Print This Article
The Effectiveness and Safety of Various Abuse Deterrent Formulations of Oxycodone: A Systematic Review
by Alexander Heinz, PharmD Candidate, Roosevelt University College of Pharmacy; Julia Gilbert, PharmD Candidate, Roosevelt University College of Pharmacy; Gerald Cavanagh, PharmD Candidate, Roosevelt University College of Pharmacy; Abby A. Kahaleh, BPharm, MS, PhD, MPH, Associate Professor, Roosevelt University College of Pharmacy
Introduction: Oxycodone is an opioid analgesic medication with a high risk for abuse. This systematic review examined and compared the effect of various opioid-deterrent formulations of oxycodone on their ability to reduce opioid abuse. Three types of abuse deterrent formulations (ADF) were studied: Technology-Based ADF’s, Opioid Antagonist ADF’s, and Aversive Excipient ADF’s.
Methods: Twelve randomized controlled trials that were published in English, conducted in North America within the past 5 years, and studied abuse deterrent formulations of oxycodone were included. Search methods for identification of studies were conducted through Pubmed and Cochrane Central Register of Controlled Trials (CENTRAL). The primary outcome was the effect of ADFs on oxycodone formulation manipulation and opioid abuse trends in patients prescribed ADFs. The secondary outcomes were adverse events, quality of life, adherence (primarily being used as prescribed), and patient experience of euphoria. All reviewers performed all data abstraction and quality assessment individually.
Results: Technology- based formulations were shown to be both effective in preventing opioid abuse and had a much lower incidence of adverse effects.
Conclusion: Although educating patients remains the most important step in reducing the epidemic of opioid abuse and overdose, studying additional ways to deter and reduce abuse can be extremely helpful in furthering the abuse potential.
Description of the problem
Abuse of opioid analgesics is a major problem that has increased substantially in the United States throughout the past decade. In 2015, the total opiate-related overdose deaths was 33,091, which is nearly four-times the death rate in 1999.1 Opioid abuse is contributed to a reduced quality of life and an increased risk of death from overdose. Opioids are primarily prescribed for pain management. However, they are easily accessible without a prescription.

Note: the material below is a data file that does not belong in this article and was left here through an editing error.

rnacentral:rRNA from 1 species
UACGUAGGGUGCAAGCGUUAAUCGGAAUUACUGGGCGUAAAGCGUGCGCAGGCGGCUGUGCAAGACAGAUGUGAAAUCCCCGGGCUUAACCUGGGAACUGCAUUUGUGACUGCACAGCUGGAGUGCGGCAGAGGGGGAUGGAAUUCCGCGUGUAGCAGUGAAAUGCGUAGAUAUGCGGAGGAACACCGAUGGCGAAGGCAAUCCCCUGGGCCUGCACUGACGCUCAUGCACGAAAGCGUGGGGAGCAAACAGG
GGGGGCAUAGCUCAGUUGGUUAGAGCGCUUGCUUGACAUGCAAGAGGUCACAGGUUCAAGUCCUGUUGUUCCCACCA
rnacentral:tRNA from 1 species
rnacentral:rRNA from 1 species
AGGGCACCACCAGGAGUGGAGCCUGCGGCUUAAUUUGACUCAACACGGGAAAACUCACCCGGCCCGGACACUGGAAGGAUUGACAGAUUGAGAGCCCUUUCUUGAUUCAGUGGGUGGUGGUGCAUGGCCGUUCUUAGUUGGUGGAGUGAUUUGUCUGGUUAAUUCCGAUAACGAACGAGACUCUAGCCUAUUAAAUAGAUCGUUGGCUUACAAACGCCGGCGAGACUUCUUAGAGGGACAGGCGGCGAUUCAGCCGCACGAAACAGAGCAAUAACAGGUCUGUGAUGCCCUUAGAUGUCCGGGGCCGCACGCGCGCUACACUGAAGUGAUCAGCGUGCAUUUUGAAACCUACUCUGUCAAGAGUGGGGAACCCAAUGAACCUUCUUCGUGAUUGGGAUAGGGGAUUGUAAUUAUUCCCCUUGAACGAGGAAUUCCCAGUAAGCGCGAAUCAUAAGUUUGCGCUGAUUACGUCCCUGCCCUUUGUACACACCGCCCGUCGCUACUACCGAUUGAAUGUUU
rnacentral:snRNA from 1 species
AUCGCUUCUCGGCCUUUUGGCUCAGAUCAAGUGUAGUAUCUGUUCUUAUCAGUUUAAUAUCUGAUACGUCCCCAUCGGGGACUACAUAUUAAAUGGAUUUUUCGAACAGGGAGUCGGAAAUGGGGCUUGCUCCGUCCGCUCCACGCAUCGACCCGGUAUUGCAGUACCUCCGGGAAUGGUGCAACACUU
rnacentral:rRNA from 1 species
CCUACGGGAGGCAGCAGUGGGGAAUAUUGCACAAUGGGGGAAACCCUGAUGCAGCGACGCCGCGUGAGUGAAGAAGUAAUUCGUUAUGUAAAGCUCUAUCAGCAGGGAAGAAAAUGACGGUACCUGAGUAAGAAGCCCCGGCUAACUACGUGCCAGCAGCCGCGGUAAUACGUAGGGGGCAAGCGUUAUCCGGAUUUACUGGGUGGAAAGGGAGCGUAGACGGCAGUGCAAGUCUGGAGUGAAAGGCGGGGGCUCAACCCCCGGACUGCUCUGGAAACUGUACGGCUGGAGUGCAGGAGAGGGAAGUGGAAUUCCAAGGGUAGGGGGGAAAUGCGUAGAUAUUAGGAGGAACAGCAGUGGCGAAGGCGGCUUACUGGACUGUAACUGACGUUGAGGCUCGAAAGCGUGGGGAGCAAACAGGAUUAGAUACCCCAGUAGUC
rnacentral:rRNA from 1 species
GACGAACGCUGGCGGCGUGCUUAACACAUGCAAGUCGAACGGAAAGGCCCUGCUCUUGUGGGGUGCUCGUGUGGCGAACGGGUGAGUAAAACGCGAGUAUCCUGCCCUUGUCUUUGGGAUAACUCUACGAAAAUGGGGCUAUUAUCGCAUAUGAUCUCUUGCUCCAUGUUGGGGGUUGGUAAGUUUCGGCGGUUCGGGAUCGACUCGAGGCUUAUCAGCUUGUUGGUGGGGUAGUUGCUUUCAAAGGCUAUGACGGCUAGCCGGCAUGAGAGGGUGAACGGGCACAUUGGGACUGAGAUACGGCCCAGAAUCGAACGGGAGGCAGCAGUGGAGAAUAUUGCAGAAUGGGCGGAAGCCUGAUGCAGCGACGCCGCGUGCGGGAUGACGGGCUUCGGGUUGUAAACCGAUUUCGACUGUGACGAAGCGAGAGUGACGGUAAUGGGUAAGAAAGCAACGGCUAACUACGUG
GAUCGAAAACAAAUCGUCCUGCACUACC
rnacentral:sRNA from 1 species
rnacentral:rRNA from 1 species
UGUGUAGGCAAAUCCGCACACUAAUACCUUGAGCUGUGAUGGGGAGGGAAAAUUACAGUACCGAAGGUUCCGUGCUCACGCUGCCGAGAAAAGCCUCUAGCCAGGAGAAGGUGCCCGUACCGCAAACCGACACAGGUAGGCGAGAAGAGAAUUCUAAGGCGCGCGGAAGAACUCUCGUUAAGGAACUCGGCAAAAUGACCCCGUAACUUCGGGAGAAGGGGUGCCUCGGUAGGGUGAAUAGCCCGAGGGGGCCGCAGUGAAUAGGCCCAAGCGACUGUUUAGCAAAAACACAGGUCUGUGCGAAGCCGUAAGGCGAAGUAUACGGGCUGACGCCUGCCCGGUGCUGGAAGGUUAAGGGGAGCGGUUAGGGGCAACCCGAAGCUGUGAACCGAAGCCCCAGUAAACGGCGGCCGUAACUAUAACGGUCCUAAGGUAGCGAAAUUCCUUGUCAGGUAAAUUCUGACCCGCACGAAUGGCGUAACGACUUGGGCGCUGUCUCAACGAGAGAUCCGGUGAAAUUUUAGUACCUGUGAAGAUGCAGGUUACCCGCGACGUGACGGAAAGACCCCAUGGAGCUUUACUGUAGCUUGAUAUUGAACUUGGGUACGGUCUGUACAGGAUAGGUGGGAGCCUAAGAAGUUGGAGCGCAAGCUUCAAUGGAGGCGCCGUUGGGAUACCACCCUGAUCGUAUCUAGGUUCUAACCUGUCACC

Patient experience, resources, education, access, and drug properties are among the factors that influence substance abuse.1 Opioid analgesics are a treatment option for moderate to severe pain that are prescribed to millions of patients annually. Although opioids can be abused through oral ingestion, the frequency of abuse by injection or inhalation increases as the duration and severity of abuse increases.2 Figure 1 illustrates the contributing factors to opioid abuse.
There is a critical need to reduce the abuse potential of opioid medications. Studies indicate that abuse with prescription opioids is a strong risk factor for heroin use.3,4
The incidence of heroin users is 19 times higher among those who use opioids for nonmedical reasons than those who report medical use.3
Another study found that 50% of persons ages 18 to 33 years who had recently began using heroin reported having abused opioids in the past.4
Description of the intervention
Research over the past decade has extensively examined drug structures to address the emerging opioid pandemic. Opioid analgesics with abuse-deterrent properties can help prevent abuse via various routes of administration that require cutting, crushing, or other ways of manipulating the formulations. There are three methods utilized to create abuse-deterrent formulations (ADFs) are described below:
One category of abuse deterrent formulations is technology-based. These formulations use proprietary manufacturing that utilizes unique polymers, inactive beads, and excipients to maintain the original pharmacokinetic properties or “gel” upon crushing or dissolving, which prevents abuse in all routes of administration except the oral route.1
- Opioid Antagonist ADF’s